The UNO College of Public Affairs and Community Service (CPACS) is excited to announce our new faculty hires starting this fall. Each of our new faculty members brings a unique and diverse perspective to the ever-growing scope of the College.
“This is one of the most diverse groups of new faculty in CPACS history. We’re excited to have everyone join the team!”
Read up on each of the new faculty member’s impressive bios below.
Leah Butler, School of Criminology and Criminal Justice
Leah Butler is an Assistant Professor in the School of Criminology and Criminal Justice. Her research is centered on corrections, with an emphasis on the effects of race and racial attitudes on public opinion of correctional policy. She also conducts research on sexual victimization and intimate partner violence. In 2019, she was selected as a recipient of the Ruth D. Peterson Fellowship for Racial and Ethnic Diversity by the American Society of Criminology. When she's not working, Leah loves cooking and baking and almost always has homemade cookies, cake, pie, or other pastries on her kitchen counter.
Stevie Desjarlais, Goodrich Scholarship Program
Stevie K. Seibert Desjarlais holds a Ph.D. in English from the University of Nebraska-Lincoln, M.A. in Women’s Studies from San Diego State University, and B.A. in English from Pepperdine University. Her research foci include: representations of gender, race, and class in contemporary U.S. literature, film, and pop culture; feminist theory; and, critical pedagogy. Her work appears in Pedagogy, Quarterly Review of Film and Video, and Journal of Popular Film and Television. She previously taught at UNL (2014-2019) and at the United States Military Academy at West Point (2019-2020). Stevie is excited to join the faculty of the Goodrich Scholarship Program. Personal hobbies and interests: I’m a jazz music enthusiast (I hosted a late-night radio program on the NPR station in interior Alaska for several years), a foodie (I like cooking at home and dining out), and I love long road trips. I also enjoy watching my spouse garden.
Barbara Gomez-Aguinaga, School of Public Administration
Barbara Gomez-Aguinaga is an Assistant Professor of Public Policy and Social Equity in the School of Public Administration. Her research examines the intersection of the public policy-making process and the politics of minority groups, and the ways in which public policies have different impacts on ethno-racial minorities. Previously, Barbara conducted applied policy work on immigration, health and the criminal justice system in multiple organizations. Outside of work, Barbara enjoys playing soccer, walking her dog and exploring places to eat with her family.
Zachary Hamilton, School of Criminology and Criminal Justice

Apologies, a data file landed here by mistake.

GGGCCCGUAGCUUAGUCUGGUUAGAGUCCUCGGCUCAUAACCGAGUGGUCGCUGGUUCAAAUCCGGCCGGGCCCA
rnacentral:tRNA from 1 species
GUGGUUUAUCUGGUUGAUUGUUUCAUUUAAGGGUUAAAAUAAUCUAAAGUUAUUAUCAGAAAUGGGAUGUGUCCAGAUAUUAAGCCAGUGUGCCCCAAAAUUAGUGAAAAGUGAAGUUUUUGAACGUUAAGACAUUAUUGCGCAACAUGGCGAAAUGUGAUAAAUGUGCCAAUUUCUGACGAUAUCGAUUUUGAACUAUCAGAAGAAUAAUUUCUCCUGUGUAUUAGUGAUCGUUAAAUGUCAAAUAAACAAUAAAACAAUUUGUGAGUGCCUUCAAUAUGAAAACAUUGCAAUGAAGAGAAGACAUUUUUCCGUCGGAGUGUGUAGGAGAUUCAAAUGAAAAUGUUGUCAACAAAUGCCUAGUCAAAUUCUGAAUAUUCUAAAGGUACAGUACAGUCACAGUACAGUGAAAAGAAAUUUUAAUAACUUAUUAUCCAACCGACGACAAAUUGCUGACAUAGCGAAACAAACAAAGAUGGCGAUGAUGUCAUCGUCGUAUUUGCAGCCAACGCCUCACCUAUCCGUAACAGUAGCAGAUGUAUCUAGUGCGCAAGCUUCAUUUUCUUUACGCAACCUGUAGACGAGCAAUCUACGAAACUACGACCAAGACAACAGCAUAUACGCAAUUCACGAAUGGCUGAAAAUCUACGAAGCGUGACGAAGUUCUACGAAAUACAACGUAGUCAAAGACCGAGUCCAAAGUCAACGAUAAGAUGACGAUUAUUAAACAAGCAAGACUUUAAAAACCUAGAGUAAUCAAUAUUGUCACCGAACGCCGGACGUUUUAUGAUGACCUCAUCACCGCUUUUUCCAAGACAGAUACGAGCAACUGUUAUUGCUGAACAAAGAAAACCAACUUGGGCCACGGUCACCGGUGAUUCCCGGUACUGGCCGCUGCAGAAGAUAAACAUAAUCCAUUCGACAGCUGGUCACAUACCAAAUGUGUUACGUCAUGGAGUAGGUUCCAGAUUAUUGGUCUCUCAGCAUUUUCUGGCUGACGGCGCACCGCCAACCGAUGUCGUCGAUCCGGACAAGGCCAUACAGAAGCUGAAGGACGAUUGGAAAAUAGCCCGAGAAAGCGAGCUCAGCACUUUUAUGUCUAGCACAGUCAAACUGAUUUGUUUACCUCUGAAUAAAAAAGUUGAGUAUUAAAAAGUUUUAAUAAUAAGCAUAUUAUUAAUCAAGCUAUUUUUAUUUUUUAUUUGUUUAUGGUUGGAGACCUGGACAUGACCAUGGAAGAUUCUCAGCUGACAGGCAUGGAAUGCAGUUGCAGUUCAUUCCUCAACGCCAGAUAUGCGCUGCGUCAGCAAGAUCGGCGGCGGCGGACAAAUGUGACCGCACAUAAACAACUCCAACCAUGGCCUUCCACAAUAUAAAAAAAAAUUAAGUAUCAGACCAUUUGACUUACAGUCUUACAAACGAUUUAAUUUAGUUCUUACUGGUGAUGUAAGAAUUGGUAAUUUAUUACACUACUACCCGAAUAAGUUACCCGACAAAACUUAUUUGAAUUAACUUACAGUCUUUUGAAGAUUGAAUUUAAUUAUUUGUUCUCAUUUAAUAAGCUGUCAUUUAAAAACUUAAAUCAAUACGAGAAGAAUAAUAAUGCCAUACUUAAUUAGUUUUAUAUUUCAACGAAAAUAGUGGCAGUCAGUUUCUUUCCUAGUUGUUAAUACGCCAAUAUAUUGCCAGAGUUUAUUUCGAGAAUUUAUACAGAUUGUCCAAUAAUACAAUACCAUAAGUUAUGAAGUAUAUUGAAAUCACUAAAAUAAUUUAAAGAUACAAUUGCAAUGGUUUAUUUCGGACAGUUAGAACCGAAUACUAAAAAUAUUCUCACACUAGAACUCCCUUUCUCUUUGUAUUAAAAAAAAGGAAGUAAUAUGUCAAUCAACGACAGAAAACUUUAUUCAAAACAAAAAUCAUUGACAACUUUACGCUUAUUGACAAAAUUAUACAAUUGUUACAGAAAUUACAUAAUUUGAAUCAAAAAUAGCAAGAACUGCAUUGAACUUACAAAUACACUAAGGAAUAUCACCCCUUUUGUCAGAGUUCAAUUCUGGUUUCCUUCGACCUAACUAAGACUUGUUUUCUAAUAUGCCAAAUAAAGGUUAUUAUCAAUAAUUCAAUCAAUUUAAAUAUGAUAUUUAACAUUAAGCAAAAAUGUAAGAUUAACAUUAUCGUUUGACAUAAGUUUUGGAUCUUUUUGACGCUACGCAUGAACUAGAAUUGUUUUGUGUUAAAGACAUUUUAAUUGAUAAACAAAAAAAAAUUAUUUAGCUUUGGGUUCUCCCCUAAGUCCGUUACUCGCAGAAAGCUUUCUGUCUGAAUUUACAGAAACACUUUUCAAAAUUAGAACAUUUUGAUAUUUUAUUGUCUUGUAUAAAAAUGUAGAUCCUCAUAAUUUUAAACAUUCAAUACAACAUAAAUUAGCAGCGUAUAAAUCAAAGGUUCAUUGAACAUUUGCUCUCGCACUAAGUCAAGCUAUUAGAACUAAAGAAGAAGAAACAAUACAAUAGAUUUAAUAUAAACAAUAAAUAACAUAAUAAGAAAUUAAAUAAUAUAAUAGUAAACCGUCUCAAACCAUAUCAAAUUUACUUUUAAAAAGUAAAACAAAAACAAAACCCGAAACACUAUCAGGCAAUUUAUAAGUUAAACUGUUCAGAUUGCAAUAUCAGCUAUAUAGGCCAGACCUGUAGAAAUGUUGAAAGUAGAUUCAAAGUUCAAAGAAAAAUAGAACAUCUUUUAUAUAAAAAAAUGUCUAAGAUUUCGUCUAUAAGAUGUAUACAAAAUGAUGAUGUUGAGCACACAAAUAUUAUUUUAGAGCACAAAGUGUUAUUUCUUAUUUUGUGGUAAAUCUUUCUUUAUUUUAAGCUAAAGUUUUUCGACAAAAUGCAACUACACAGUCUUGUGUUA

Zachary Hamilton, Ph.D., is an Associate Professor in the School of Criminology and Criminal Justices at the University of Nebraska - Omaha. Originally from Iowa, he received his Bachelors from the University of Iowa. He received his PhD from Rutgers University and was previously employed as a Senior Research Associate at two non-profits in Manhattan – the Center for Court Innovation (CCI) and at the National Development and Research Institutes (NDRI). He then served as the Director of the Washington State Institute for Criminal Justice and was employed as an Associate Professor at Washington State University. His main research focus is risk and needs assessment for criminal justice populations. These assessment tools are used to identify the supervision level and programming needs for juveniles and adults, those in prison or on probation and parole, and his tools are currently used in more than a dozen states. Dr. Hamilton was recently tapped by National Institute of Justice to create the risk assessment for the First Step Act (the PATTERN), which is part of the federal government’s criminal justice reform; providing early release for low risk inmates in an effort to reduce the federal prison population. He has published over 50 peer-reviewed journal articles, chapters and books on risk and needs assessment, evidence-based practices, and program efficacy. His achievements were recently recognized by the American Society of Criminology, awarding him the Distinguished New Scholar Award in 2018.
Theodore Johnson, School of Public Administration – Aviation
I recently graduated from Eastern Michigan University (EMU) with my MPA and will be pursuing a doctorate in Public Administration from UNO this fall. I will begin this journey as an Instructor within the Aviation Institute, which has allowed for the elegant meld of my passions, higher education and aviation. I love aviation and fly whenever I have spare time. I am heavily involved in Non-Profit Organizations because I love aiding the future leaders of tomorrow and giving back to the community. I also held leadership positions in both Alpha Eta Rho and Women in Aviation, International while at EMU, and am eager to become involved in UNO’s chapters. Lastly, I am a certified Aircraft Dispatcher and was the youngest Aircraft Dispatch Director in EMU’s history.
Danbee Lee, School of Public Administration
Danbee is joining the School of Public Administration at UNO as an assistant professor. She received her PhD in public administration from Rutgers University-Newark. Her research interests include local government management, organizational behavior, and research methods. She is currently working on the formation, measurement, and management of bureaucratic reputation within citizen-state interactions, and the effect of organizational reputation on employees’ work attitudes and behavior. Her work has been published in Governance, Public Management Review, and International Review of Administrative Sciences. In her spare time, she enjoys jogging, working out, and traveling.